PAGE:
I’ve now moved three times to avoid the florid coughs of several typhoid marys in the departure lounge at Auckland International Apart, one of whom was considerate enough to sit right next to me.
I’m departing for the biggest bear pride festival in the southern hemisphere in less than half an hour—Melbourne’s Southern Hibearnation—and I can’t afford airborne pathogens before I even clear Customs. I know it’s winter, but I’m half-expecting a nun to emerge from the toilet with a sinister-looking man screaming, “Bring out your dead!”
I’ve been to a number of bear pride events in Australia and New Zealand over the past few years.
Bears, for those of you who don’t know, are a mostly hirsute subculture of gay men who don’t conform to the media stereotypes of what gay men are like.
What media stereotypes? Well, mainly the shaved, plucked and moisturised variety, impeccably dressed for every occasion with a well-timed piece of advice for their BFF (a heterosexual woman) about how to please their man, while their own sex lives are relegated to two extremes: (a) tittering about how much cock they’ve had, or (b) so anodyne that they carry no sexual organs at all, just plastic underpants and a trademark.
Please don’t take the above as an assault on diversity: contrary to popular belief, all types of men are welcome at bear events. You don’t have to be hairy-chested, fat or like pies. You don’t have to be a sci-fi geek who paints model tanks at the weekend (although it helps). You don’t even have to sport facial hair.
The bear movement began as a reaction against the gym-buffed, shaved clones that continue to dominate much of the gay media’s representation of gay men.
Men don’t all have six-pack abs and look pre-pubescent, and particularly for guys who have experienced the simultaneous release of coming out and the crushing depression of finding nowhere on the gay scene that they fit in, bear bars, clubs and events provide a place where you can just be a man who enjoys the company of other men.
In recent years, some have become disturbed by what they see as a perversion of the ideals of the bear movement. As bear culture has become more mainstream, so too have images of bears, but they are often not too different from the dysmorphic pictures we grew up with.
The stomachs are disappearing, the muscles are getting bigger (much like the ludicrous steroid-assisted inflation of GI Joe and Action Man figures), and natural beauty has given way to Photoshop. Essentially, we see gym bunnies who used to sport an all-over wax letting the garden grow and strapping on a bit of leather to advertise a dance party.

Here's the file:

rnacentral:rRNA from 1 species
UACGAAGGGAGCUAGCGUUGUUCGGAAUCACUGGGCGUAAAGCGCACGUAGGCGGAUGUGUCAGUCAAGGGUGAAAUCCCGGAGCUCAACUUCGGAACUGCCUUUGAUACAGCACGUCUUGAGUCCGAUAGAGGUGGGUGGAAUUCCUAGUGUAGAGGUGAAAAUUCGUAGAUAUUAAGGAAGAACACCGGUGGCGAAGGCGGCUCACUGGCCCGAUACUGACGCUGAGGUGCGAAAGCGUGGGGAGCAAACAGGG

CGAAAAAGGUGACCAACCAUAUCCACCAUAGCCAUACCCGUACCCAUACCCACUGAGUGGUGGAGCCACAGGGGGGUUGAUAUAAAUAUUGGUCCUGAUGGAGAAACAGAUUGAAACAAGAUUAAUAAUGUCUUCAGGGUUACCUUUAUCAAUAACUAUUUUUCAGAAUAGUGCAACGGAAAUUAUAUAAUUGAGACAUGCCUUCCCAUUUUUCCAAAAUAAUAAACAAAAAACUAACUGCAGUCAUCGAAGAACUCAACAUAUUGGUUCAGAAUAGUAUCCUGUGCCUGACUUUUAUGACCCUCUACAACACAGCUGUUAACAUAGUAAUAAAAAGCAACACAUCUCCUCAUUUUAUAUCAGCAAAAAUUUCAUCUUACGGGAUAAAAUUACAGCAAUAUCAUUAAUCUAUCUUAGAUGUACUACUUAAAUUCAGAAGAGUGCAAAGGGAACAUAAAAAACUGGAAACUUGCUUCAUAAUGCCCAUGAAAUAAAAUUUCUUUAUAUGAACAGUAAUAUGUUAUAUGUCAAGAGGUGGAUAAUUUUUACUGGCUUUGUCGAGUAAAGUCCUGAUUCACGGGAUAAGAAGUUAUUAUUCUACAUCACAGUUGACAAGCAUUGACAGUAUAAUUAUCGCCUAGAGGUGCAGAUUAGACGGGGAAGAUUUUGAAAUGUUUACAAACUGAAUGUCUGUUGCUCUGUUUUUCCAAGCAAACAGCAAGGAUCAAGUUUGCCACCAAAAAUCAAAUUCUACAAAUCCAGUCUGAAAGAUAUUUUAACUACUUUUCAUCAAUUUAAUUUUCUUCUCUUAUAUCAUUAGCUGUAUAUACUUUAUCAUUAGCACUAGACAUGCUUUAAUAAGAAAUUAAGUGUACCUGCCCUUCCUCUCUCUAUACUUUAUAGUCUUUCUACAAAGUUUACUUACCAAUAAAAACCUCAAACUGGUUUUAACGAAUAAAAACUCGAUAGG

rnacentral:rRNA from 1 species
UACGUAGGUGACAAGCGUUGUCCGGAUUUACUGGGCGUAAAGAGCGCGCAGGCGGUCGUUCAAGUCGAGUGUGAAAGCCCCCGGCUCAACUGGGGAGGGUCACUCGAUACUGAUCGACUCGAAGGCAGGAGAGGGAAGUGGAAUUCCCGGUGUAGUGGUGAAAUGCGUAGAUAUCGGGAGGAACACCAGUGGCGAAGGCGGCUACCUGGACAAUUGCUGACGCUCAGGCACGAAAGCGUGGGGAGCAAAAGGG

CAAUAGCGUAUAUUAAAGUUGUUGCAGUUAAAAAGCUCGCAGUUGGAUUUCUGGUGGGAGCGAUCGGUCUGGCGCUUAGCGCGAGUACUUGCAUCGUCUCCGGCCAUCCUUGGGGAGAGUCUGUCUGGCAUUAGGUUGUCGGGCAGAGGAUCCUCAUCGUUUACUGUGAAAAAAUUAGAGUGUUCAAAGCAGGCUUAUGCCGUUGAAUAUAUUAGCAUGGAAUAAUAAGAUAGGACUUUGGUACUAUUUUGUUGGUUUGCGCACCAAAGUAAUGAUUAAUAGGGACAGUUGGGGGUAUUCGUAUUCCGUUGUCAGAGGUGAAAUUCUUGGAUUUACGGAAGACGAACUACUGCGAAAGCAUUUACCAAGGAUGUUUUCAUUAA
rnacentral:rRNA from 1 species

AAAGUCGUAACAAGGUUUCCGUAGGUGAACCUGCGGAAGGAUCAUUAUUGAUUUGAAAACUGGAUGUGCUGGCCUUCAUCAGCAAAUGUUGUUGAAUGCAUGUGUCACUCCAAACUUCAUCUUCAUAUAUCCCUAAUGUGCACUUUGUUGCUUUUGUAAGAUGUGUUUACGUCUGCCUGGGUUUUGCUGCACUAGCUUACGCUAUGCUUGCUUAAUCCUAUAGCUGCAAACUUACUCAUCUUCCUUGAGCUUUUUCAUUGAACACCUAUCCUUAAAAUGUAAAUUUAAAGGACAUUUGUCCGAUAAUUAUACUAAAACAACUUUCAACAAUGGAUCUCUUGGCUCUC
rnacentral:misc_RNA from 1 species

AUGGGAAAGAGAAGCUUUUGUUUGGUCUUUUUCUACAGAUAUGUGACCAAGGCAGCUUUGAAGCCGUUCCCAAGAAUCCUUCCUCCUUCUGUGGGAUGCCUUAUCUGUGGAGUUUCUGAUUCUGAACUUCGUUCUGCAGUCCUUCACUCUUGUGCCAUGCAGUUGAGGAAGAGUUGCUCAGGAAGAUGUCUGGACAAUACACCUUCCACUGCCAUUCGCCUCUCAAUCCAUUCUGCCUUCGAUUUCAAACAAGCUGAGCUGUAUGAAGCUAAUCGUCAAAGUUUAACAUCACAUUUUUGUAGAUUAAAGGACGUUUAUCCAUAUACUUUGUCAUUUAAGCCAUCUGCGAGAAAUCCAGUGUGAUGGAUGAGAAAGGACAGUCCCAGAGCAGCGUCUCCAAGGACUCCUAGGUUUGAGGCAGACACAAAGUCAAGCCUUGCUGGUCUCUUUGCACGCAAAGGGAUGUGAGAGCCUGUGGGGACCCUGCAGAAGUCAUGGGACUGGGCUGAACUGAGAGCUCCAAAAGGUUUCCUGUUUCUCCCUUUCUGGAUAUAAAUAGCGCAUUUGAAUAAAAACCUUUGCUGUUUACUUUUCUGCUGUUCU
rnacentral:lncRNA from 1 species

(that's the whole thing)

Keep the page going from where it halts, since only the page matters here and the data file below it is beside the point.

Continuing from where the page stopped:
I came to the bear community at the end of my twenties, after a decade of feeling isolated in the gay wilderness. I’m not hyper-masculine, but I don’t dance round a handbag (except on Tuesdays). I like dance-pop music, but I also like art-rock. I like to keep fit, but I have no desire to sport abs so defined that they double as sperm gutters.
Much to my chagrin, there’s hardly a hair on my chest unless you count the handful that sprouts around my nipples (what on earth was evolution trying to protect there?). When I first started going to bear events, I wondered if I’d be welcome, or told that I wasn’t a “real bear”. It hasn’t happened.
Debates over “what makes a bear” will always be around, but I think they’re doomed to failure if we concentrate purely on the physical.
Joining the bear community gave me pride in myself for the first time—not just as a gay man, but simply as a man.
I experienced things that had never happened to me before at gay events. Not only did men find me attractive, and weren’t shy about telling me so, but they actually talked to me.
Friends were made so easily I thought I was dreaming, and these friendships were based on a mutual respect and caring for each other as whole men with lives that stretched beyond the bedroom. Age didn’t matter. Gone were the creepy Logan’s Run ideals that implied you were dead as a gay man once you passed thirty.
That’s not to say that things are perfect. In any community, you’ll find negative elements, toxicity and in-fighting.
But mostly, what sets the bear community apart is a sense of shared values. No matter where you go in the world, at a bear event you feel part of a brotherhood.
Many gay men are forced to redefine their notion of family when they come out, as they often become estranged from their blood relatives. Friends step in to fill the gap, and among bears, you’ll find yourself a ready-made foster family, with ever-extending boundaries.
I can’t think of anything that embodies the notion of gay pride more.
Photo courtesy of the author (second from the right)